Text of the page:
By Hannah Schultz, Features Editor
Anyone who is from Kentucky knows the stereotypes: Kentuckians spend their days drinking bourbon and riding horses down the hollers. Or Kentuckians are all backwoods-livin’ rednecks who hunt their own food and never wear shoes. Or Kentuckians all sound and look like Colonel Sanders, thanks to the international fast-food chain.
“Every time I drive down a back country dirt road, my expectations are still that I’ll be shot at close range after stumbling onto a moonshine distillery,” joked junior Megan Gieske, who came to Asbury from New Jersey last semester.
For many out-of-state freshmen, this may be your mindset even now as you’re still discovering what your new home is like and battling stereotypes. But it doesn’t take long to learn what preconceived notions about the Bluegrass State are true and which are just tall-tales.
Senior Lindsay Townsend, who is from Delaware, found that her first visit to Kentucky left an odd first impression. “On the way out to see [my aunt and uncle], we had to take a car-ferry boat,” she said. “The ferryman was nice, but I just remember him saying in a rumbling voice, ‘Strange folk live in Kentucky.’ Based on what he said and the fact that everything I was seeing—the mountains, the gorges and rolling hills—was far different from anywhere I have lived, Kentucky sort of took on this fantastical quality for me—that maybe it was a little wild, a little adventurous to live here.”
While the scenery may suggest a wild, sprawling countryside, throughout her time at Asbury, Townsend learned that the real Kentucky is much more civilized and diverse. “You can go from large cities to country in a matter of miles,” she said. “You can go to an art show, a sporting event or hiking all in the same day.”
One stereotype that Kentucky does fulfill is that of southern hospitality—which means taking care of strangers in little or big ways. “I’m still surprised by the southern hospitality of Kentucky—every time someone holds a door open for me, looks me in the eye and tells me to ‘have a nice day,’ or helps me carry bags of groceries,” said Gieske. “Being from New Jersey, I still think those people are crazy and/or are trying to kill me.”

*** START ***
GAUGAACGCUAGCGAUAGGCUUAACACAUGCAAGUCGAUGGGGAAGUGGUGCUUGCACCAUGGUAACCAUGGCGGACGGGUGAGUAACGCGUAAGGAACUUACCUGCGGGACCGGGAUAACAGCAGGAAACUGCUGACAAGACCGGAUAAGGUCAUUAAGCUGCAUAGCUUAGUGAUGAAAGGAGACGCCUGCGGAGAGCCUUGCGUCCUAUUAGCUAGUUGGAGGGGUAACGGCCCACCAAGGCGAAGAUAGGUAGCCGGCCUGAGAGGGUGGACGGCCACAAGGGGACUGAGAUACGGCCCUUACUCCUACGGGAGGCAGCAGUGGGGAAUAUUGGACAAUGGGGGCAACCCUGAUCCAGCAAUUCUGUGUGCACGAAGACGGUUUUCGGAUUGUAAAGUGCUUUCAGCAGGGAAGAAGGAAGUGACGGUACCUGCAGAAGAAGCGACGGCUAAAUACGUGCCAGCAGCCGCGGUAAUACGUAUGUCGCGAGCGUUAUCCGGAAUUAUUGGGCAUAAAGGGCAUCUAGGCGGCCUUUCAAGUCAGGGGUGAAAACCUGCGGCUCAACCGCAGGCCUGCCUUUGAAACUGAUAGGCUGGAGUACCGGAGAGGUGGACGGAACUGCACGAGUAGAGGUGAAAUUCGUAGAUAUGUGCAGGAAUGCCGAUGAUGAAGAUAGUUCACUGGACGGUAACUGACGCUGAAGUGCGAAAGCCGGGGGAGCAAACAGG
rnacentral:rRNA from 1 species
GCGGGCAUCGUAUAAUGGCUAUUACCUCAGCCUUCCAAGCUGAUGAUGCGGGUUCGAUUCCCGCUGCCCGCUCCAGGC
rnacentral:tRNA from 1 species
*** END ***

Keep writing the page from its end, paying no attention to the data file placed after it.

“One of my first days in Kentucky, a woman in a van offered me a ride home from a convenience store,” she said. “Against my better judgement and everything my mom ever taught me, I got in, thinking that a woman in a van full of children probably was safe. I spent the rest of the car ride with one hand on the door, planning my escape if need be. That’s just not normal in the North.”
However, fellow southerners can attest to the falsity of the stereotype that all Kentuckians are drinking, hunting, and shooting fireworks kind of people. “I knew that while some people might fit the country or hillbilly stereotype, that it wouldn’t be true for all of Kentucky, because the redneck stereotype is not true of me and certainly not true for a good many people in Texas,” said senior Claire Hill.
Some of you out-of-towners may be shocked at just how hard Kentucky pushes against classic stereotypes and how quickly you have to adjust to the bipolar weather, Canada-rivaling winters or “city” traffic. But no matter what, something about Kentucky—whether it is its diversity, the quiet pace of its rolling hills or its unique history—will draw you in and make your years here at Asbury some of your best.